• Any other information relevant information (e.g. any indicators of increased community visibility thanks to the employee volunteering)

All this might seem way too tedious, but you’ll thank yourself later when it’s time to evaluate and report on your employee volunteering initiative. Here are examples of the types of information the above data might reveal:

  • Names and headcount of participating employees 
  • Number of organizations and/or individuals impacted
  • Types of volunteer activities engaged in 
  • Monetary value of donated volunteer hours
  • Types of employee skills engaged through volunteering activities
  • Your employees’ thoughts on their volunteering experience (from surveys)

You can then prepare a summary report highlighting key takeaways, what worked, what needs improvement, etc. and share it with your executives. You can also extract key data to use in marketing and recruiting efforts.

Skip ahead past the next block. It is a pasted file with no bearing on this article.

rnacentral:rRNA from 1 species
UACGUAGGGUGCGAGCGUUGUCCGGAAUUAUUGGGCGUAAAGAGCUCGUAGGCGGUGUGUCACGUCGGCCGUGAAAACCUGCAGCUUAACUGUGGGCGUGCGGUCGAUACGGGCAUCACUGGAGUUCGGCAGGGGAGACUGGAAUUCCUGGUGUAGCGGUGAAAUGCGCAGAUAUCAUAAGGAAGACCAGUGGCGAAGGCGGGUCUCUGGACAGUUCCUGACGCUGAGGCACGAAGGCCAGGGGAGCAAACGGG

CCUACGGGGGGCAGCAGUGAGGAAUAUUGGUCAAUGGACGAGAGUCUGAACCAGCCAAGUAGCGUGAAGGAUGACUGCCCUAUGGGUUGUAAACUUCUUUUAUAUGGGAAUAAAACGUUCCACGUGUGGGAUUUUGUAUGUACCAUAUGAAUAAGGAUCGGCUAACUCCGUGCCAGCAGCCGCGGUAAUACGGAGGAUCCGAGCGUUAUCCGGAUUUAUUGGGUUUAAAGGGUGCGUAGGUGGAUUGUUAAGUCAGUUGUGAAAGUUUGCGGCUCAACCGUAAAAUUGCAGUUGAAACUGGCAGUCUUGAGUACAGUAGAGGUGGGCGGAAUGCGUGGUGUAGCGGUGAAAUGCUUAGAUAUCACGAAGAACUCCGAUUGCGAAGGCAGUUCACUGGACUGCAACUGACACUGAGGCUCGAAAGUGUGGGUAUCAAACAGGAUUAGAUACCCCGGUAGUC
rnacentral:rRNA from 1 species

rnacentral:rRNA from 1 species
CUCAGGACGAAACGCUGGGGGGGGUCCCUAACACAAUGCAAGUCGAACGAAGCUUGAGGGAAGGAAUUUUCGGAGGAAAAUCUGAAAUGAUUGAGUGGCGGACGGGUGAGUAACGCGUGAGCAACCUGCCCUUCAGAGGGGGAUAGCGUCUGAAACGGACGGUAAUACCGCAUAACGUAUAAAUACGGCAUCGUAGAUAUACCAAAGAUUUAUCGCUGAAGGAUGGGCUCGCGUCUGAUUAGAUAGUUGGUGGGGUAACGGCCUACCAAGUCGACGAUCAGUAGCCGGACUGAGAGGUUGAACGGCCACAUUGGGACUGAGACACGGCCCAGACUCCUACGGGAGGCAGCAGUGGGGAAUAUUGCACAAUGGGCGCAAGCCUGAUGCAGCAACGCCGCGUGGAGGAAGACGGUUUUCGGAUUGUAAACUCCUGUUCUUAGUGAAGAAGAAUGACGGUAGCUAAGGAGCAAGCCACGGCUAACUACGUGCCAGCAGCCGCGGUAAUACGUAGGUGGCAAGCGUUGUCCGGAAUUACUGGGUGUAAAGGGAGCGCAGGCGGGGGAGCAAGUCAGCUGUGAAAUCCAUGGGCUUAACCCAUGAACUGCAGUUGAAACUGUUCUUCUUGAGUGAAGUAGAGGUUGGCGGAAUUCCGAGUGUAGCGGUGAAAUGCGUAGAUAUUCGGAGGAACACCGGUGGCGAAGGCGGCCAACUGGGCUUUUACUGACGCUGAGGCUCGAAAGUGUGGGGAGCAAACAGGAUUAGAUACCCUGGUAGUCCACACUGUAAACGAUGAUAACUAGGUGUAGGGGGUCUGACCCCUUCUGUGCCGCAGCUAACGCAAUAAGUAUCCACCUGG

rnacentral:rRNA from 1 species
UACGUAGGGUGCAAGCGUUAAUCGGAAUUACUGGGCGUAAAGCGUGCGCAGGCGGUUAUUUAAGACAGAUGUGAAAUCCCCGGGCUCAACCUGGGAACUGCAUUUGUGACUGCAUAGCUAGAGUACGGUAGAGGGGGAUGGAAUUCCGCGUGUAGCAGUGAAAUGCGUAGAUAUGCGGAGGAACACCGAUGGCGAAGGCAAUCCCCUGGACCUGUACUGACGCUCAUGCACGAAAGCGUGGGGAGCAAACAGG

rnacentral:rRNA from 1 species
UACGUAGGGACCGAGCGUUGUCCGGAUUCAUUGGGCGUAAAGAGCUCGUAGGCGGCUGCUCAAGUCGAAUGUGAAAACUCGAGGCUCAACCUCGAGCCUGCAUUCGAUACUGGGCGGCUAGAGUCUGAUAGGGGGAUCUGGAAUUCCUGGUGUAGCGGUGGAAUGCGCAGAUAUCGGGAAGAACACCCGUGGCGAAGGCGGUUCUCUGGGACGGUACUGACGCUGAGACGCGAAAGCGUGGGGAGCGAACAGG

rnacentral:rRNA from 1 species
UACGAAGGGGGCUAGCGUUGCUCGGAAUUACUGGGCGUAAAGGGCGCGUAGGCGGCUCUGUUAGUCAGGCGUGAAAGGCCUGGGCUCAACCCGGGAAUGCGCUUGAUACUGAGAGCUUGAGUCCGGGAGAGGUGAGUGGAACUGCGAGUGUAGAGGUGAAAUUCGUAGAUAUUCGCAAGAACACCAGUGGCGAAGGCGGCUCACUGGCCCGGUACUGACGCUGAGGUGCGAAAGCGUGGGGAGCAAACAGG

1. Prepare your program launch action plan

Now that you’ve created your information-gathering system, it’s time to prepare an action plan for launching your corporate volunteer program. 

Clearly outline everything from company goals and the ‘why’, to where your volunteers will serve, to when the program will launch. Your very first volunteering event should be fun and memorable to create a lasting, positive impression. Feel free to invite your team to help plan this!

Another important thing to keep in mind: it may be wise to seek appropriate expert advice for your volunteer program activities (for example legality, security, and liability considerations).

Lastly, don’t forget that your volunteer program needs a name! Choose something that easily identifies it as a volunteer initiative while highlighting your company’s identity.

Once you’ve prepared your plan, it’s time to present it. Gather your team and invite your executives, non-profit partners, and other stakeholders to your pre-launch meeting. Once you’re done sharing, ask attendees for feedback to help you fine-tune the plan.